Is mine a true Wardian Case or not? Who knows. It is not sealed but it is built in the style of the true Wardian Case invented by a Dr. Ward who collected many plants from around the world and had to have a way to ship them, plus grow them in the polluted London air. ” The Wardian case was the direct forerunner of the modern terrarium and vivarium and the inspiration for the glass aquarium. It was invented by Dr. Nathaniel Bagshaw Ward (1791–1868), of London, in about 1829 after an accidental discovery inspired him.” (from Wikipedia)
I have written about these containers before and how I planted them up and over-wintered some of my succulents in them. They worked really well and were so interesting to look at. But after I put them away in the late winter of 2017 in preparation to move, I had forgotten about them until I happened to run across them on a shelf in the garden shed out back. The one that my husband uses to park the mower and all his paraphernalia. Hmmmm…makes me wonder. Did he hide them?
My Wardian cases were old when I got them, and have deteriorated over the years. I took a poll on a video newsletter from my blog and it seemed that the aged patina was favored over trying to paint them, so I have left them as they are. With just one exception. The white case had a lot of aging to its acrylic panels and they were practically blocking any sunlight. Those panels had to be replaced or no light could get to the plants inside. So we replaced them. It was easier than I thought it would be. Hubby did most of it. ( Did he owe me for something?…hmmm.)
I made a video of that replacing of the panels if you would like to see how that worked out. It is here on my YouTube channel, Kim’s Gardens. Of course, I am going to include a video of planting this same case here in this post. Did I say I like making videos?
Choosing plants for Wardian Cases
Most likely the best plants for a Wardian Case would be plants that grow slowly. Like any terrarium-type container, if the plants grow too fast, it would be necessary to change them out too often…not to mention perhaps having to replant the whole thing. For this case today, I am using succulents for my first choice.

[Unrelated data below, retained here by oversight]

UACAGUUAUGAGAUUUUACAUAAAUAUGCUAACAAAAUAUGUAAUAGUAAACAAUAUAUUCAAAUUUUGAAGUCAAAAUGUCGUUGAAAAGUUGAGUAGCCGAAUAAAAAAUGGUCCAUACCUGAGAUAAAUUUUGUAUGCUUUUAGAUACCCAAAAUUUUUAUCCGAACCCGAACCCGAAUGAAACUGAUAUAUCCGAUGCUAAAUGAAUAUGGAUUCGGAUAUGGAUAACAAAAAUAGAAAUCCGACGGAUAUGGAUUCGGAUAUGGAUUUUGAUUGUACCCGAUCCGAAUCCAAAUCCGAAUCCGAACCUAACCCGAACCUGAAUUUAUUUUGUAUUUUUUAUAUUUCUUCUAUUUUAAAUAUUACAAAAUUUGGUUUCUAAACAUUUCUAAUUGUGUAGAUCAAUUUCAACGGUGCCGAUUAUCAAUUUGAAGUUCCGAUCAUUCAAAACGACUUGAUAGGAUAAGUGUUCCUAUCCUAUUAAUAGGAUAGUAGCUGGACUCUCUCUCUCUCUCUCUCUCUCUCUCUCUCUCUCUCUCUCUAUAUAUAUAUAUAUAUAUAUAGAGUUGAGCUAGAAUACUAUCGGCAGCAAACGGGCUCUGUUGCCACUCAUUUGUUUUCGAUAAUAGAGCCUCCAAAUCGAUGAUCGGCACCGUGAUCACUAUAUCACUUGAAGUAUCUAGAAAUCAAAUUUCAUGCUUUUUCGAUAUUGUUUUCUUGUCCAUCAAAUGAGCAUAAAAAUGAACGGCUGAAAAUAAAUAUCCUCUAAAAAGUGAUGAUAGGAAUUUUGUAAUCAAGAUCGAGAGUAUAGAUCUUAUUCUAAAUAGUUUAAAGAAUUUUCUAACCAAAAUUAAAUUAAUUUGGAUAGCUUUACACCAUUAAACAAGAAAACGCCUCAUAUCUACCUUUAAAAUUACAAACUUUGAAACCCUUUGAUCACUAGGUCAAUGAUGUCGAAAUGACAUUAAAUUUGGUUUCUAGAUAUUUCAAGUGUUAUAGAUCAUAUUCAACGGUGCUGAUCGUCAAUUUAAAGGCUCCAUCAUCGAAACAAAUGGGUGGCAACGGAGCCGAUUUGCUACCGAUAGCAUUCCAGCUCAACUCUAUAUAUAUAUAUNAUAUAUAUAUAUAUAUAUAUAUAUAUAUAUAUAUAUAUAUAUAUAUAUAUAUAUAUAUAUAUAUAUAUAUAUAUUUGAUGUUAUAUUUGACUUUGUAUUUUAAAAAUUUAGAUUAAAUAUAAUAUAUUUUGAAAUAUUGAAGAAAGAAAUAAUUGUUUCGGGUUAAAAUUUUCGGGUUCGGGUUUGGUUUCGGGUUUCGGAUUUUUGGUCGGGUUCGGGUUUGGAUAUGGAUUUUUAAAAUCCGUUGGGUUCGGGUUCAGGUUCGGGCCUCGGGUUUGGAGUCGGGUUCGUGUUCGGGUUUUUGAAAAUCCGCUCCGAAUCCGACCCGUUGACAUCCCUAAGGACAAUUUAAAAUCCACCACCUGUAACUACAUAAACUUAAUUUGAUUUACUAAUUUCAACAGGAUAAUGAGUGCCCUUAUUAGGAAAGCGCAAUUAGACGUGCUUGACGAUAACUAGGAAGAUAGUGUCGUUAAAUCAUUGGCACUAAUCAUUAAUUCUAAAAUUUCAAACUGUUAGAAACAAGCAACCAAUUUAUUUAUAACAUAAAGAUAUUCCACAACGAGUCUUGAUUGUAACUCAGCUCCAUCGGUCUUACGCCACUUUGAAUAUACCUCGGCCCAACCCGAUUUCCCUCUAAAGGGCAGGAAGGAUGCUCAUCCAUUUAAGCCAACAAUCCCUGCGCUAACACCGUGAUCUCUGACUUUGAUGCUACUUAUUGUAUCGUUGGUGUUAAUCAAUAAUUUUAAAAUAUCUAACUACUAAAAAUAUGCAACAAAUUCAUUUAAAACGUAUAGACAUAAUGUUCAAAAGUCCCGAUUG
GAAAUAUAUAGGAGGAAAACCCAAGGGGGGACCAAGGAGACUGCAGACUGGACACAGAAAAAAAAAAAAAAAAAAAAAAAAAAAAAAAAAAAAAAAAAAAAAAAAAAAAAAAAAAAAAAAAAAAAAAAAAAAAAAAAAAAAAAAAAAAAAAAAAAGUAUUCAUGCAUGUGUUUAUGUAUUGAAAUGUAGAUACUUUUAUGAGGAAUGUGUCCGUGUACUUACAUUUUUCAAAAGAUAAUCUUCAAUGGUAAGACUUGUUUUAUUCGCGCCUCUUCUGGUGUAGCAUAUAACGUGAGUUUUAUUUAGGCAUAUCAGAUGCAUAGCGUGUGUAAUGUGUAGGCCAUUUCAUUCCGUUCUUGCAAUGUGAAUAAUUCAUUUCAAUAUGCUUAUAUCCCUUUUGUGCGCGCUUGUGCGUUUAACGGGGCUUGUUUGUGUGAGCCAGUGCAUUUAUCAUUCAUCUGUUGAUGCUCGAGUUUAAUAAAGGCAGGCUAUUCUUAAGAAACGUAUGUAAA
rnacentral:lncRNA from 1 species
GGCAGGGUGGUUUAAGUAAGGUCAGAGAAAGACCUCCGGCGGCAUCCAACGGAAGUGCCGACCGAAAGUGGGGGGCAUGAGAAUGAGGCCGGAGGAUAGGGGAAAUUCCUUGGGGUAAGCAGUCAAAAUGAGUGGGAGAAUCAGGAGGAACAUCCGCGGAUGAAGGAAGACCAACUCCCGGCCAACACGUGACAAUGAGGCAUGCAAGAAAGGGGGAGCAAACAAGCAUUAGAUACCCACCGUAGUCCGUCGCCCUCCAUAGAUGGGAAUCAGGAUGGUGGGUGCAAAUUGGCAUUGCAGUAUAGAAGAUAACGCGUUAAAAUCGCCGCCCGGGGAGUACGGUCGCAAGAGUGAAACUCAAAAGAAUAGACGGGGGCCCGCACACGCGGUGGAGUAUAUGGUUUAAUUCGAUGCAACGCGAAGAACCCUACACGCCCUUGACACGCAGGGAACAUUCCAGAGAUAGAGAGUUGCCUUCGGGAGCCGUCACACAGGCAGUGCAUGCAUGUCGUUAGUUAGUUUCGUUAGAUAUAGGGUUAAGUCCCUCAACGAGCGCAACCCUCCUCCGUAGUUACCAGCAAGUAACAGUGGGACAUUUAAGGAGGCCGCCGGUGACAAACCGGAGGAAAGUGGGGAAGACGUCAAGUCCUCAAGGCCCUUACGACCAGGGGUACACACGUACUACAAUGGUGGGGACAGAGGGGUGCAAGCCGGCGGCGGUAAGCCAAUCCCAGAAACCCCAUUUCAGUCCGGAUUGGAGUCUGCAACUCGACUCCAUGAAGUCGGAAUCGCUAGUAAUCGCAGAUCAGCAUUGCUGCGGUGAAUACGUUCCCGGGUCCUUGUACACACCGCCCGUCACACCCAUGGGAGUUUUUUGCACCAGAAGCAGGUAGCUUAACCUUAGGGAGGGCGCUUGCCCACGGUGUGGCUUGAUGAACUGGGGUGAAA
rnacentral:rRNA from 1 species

A lot of these are plants that I got earlier this year and planted in various other containers. They have grown a bit, but are still small enough to spend the winter in the Little Greenhouse.
I am also going to plant some cuttings from my Jade Plant. I saved some of those so that I can use these especially for the Wardian Cases, and I hope I don’t regret saving so many. I have some small starts from last winter that are now in hypertufa, but still very tiny. Maybe I am getting into something that I cannot handle, but I am thinking about starting a bonsai forest. It looks fun to do!
Maybe I am stretching it a bit calling this a Wardian Case, but it seems like one to me even though I have not traveled to the ends of the earth for plants. Just our local garden centers. I have had these for several years ( I have two) and I sure love planting them up. Hopefully all my plants will do well surviving the winter here in Ohio.
One more case to plant and I will be finished with these terrarium-types for now. But I have so many more to come inside for the winter. I had to get an early start since there are so many. What possessed me to get so many? It must be Plant Addiction.
Hi, I am Kim and thank you so much for visiting my magazine! I am a gardener and a hypertufa maker. If you came here to learn about hypertufa, I have a lot of information. But I also write about flower gardening and using succulents which are great drought-tolerant plants.